by George Staikos
This article begins a new series following one of the most important projects to the past and future successes of Linux. The KDE project. Heading up the column is KDE developer of five years, and primary North American contact for the project George Staikos. I look forward to hearing more from the inside, and "from the source" of KDE. - Steve Mallett, Managing Editor.
The month of August marks a major milestone for the KDE project. Along with the occurance of the KDE Community World Summit 2004, "aKademy", the KDE team has released version 3.3 of the K Desktop Environment. This is the quickest release cycle in recent history, coming roughly six months after the release of KDE 3.2. To put this into perspective, KDE 3.2 took over a year to complete. Does this mean fewer features, less polish, or more bugs? Certainly not! [new screenshots - Ed.]
Each KDE release tends to have a few major focal points. KDE 2.0 was a complete rearchitecture and brought us the underlying design that we still have today in KDE, including KParts, network transparency, and Konqueror. KDE 3.0 featured a port to Qt 3.0. KDE 3.1 gave us enhanced browsing support and many new applications, and KDE 3.2 had a focus on HTML rendering improvements, optimizations, and more new applications. KDE 3.3, on the other hand, shows us what can be done when we focus on improving what's already there in KDE. The highlights from KDE 3.3 include more optimizations, a giant leap forward in personal information management (PIM) tools such as KMail, KOrganizer, Kontact, and Kopete, and the closing of 7000 bugs and 2000 wishlist items. This is certainly an important step forward for Linux on the desktop! Let's have a closer look.
One of the common complaints about X11 desktop platforms such as KDE is that they use too much memory or run too slowly. It is true that these platforms are often developed "for the future", and so they contain more advanced features and design than other competing desktop environments. This advanced technology often comes with a price tag involving more memory or more cpu cycles for typical operations. Other times, however, it's just sloppy coding in an effort to meet release schedules that results in inefficient code. The KDE team takes a serious stance on code performance and consequently there is an ongoing effort to optimize KDE. Some of the optimizations in KDE 3.3 include:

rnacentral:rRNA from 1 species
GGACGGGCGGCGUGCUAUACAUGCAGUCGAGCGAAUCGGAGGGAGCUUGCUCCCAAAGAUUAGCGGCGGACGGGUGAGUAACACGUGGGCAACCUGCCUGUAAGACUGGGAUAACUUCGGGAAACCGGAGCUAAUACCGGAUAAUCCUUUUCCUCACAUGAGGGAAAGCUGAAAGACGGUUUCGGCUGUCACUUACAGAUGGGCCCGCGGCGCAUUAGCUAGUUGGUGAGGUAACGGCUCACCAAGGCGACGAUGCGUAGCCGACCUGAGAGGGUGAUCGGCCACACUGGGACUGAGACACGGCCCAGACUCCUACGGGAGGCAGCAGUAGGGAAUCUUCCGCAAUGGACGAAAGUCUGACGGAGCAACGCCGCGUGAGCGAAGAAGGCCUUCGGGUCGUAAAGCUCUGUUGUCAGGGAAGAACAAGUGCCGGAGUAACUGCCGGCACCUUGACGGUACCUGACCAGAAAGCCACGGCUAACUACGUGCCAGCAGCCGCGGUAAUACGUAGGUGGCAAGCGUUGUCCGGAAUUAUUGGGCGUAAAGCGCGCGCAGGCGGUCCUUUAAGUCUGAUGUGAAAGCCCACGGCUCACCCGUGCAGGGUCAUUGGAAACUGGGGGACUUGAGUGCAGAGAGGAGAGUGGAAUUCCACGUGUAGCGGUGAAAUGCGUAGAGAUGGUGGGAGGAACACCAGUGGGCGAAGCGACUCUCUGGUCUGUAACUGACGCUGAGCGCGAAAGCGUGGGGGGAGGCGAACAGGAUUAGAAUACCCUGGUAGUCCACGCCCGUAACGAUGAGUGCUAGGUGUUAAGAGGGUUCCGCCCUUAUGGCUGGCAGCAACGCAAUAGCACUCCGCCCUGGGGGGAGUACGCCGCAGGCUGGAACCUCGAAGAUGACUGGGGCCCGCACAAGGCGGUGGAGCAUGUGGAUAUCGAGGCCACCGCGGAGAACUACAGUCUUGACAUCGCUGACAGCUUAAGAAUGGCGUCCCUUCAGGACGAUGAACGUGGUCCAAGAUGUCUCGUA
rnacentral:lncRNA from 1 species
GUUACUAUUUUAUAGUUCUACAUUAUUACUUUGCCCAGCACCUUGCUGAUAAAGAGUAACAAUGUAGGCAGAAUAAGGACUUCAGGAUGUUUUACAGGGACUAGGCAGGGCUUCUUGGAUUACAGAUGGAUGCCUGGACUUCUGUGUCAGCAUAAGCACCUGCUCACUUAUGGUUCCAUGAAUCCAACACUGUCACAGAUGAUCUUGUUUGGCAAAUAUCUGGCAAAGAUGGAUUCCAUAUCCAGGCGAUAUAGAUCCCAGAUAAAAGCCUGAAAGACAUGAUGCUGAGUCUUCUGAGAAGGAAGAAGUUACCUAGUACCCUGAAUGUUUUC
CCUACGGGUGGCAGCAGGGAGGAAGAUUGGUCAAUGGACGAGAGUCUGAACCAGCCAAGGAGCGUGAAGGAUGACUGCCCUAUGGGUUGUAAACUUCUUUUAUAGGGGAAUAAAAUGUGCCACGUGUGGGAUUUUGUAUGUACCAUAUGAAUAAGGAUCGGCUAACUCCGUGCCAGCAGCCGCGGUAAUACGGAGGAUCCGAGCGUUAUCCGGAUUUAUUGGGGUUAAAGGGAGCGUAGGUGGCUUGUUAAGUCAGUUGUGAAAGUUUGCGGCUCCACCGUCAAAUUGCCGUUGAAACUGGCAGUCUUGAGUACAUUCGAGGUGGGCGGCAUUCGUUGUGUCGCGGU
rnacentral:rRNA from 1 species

New applications in KDE 3.3 include:
- A 5-6MB reduction in memory usage due to sharing information used in multiple places.
- Up to 10 times faster IMAP mail transfers, especially on slower CPUs. On faster processors, the amount of CPU time used for a typical mail transfer is significantly reduced.
- Reduced or eliminated flicker in Konqueror, both in web browsing mode (especially with tabs), and in file management mode. Icons now layout smoothly without unneeded repaints.
- Much less flicker in KMail and more efficient handling of mail operations such as transfers and parsing.
Other new features include integration of the KDE and Qt Python bindings, a search bar for Konqueror, plenty of HTML rendering fixes and enhancements, and a new spell checking library.
- Kolourpaint, a painting application that replaces the aging KPaint.